Please don't keep saying "normally". That's a design decision that you make, based on what the thing is supposed to do and what exceptions may happen and what it's supposed to do in response to the exceptions. You don't throw try blocks around randomly. And there's no "normally". You must actually think and design the try blocks. Even in C++. –  S.Lott Oct 14 '10 at 15:42
    
Hmm, at the risk of deviating from the original question - there is only one way to write try/catch[/finally] blocks in all of the languages I mentioned - thats why I used the word 'Normally'. I have never seen a try/catch statement where the exception handler appears before the logic that could throw an exception. Just saying ... –  skyeagle Oct 14 '10 at 15:53
    
@ekyeagle: What? Are you confused by which statement might raise the getopt.GetoptError? Is that your real question? If so update your question. And be sure to print the exception that's raised as part of that update. –  S.Lott Oct 14 '10 at 15:56
    
I see the point you're making. The exception handler is AFTER the statement that could throw the exception. Mea culpa. All is well again –  skyeagle Oct 14 '10 at 16:24

Did you get your answers?

One way to debug python exceptions is to move (or copy temporarily for debugging) the code out of the try block. You'll get a full trace.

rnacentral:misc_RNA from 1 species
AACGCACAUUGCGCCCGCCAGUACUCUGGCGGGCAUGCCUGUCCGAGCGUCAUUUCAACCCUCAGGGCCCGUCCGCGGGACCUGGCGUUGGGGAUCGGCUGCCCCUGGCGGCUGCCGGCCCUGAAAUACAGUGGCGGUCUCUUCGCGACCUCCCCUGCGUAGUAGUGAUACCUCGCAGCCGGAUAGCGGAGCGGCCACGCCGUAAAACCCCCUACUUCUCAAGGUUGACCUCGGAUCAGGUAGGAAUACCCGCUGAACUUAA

And of course another way is to reduce the test case. Here I've reduced the problems to three lines, and tried the solution hinted at by @s.lott (using 'f:' in the getopts call), and also show at the end how calling with some different test data behaves:

$ cat x1.py
import sys, getopt
opts, args = getopt.getopt(sys.argv[1:],'fdmse:d',['files=','data-source=','mode=','start','end'])
print "opts=", opts, "args=", args

$ python x1.py -f=dummy.csv argblah
Traceback (most recent call last):
  File "x1.py", line 2, in <module>
    opts, args = getopt.getopt(sys.argv[1:],'fdmse:d',['files=','data-source=','mode=','start','end'])
  File "/usr/lib/python2.6/getopt.py", line 91, in getopt
    opts, args = do_shorts(opts, args[0][1:], shortopts, args[1:])
  File "/usr/lib/python2.6/getopt.py", line 191, in do_shorts
    if short_has_arg(opt, shortopts):
  File "/usr/lib/python2.6/getopt.py", line 207, in short_has_arg
    raise GetoptError('option -%s not recognized' % opt, opt)
getopt.GetoptError: option -= not recognized

$ sed 's/fdm/f:dm/' <x1.py >x2.py

$ diff x1.py x2.py
2c2
< opts, args = getopt.getopt(sys.argv[1:],'fdmse:d',['files=','data-source=','mode=','start','end'])
---
> opts, args = getopt.getopt(sys.argv[1:],'f:dmse:d',['files=','data-source=','mode=','start','end'])

$ python x2.py -f=dummy.csv argblah
opts= [('-f', '=dummy.csv')] args= ['argblah']

$ python x1.py -f dummy.csv argblah
opts= [('-f', '')] args= ['dummy.csv', 'argblah']